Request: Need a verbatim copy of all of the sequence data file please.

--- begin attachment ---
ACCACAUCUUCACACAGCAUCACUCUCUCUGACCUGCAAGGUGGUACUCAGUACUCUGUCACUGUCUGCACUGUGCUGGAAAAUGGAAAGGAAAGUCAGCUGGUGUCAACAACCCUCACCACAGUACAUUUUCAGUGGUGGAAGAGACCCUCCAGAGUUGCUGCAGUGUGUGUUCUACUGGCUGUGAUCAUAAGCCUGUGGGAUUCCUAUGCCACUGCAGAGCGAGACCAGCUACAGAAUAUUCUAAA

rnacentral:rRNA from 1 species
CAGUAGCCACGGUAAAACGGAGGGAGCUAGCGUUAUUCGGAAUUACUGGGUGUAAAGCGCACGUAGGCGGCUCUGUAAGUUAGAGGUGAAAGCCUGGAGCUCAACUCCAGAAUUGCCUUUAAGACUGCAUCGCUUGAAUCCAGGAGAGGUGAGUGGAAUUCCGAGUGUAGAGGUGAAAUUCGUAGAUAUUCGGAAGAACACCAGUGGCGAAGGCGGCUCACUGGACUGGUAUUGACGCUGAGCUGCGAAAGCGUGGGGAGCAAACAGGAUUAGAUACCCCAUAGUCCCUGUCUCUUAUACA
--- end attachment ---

ACCACAUCUUCACACAGCAUCACUCUCUCUGACCUGCAAGGUGGUACUCAGUACUCUGUCACUGUCUGCACUGUGCUGGAAAAUGGAAAGGAAAGUCAGCUGGUGUCAACAACCCUCACCACAGUACAUUUUCAGUGGUGGAAGAGACCCUCCAGAGUUGCUGCAGUGUGUGUUCUACUGGCUGUGAUCAUAAGCCUGUGGGAUUCCUAUGCCACUGCAGAGCGAGACCAGCUACAGAAUAUUCUAAA

rnacentral:rRNA from 1 species
CAGUAGCCACGGUAAAACGGAGGGAGCUAGCGUUAUUCGGAAUUACUGGGUGUAAAGCGCACGUAGGCGGCUCUGUAAGUUAGAGGUGAAAGCCUGGAGCUCAACUCCAGAAUUGCCUUUAAGACUGCAUCGCUUGAAUCCAGGAGAGGUGAGUGGAAUUCCGAGUGUAGAGGUGAAAUUCGUAGAUAUUCGGAAGAACACCAGUGGCGAAGGCGGCUCACUGGACUGGUAUUGACGCUGAGCUGCGAAAGCGUGGGGAGCAAACAGGAUUAGAUACCCCAUAGUCCCUGUCUCUUAUACA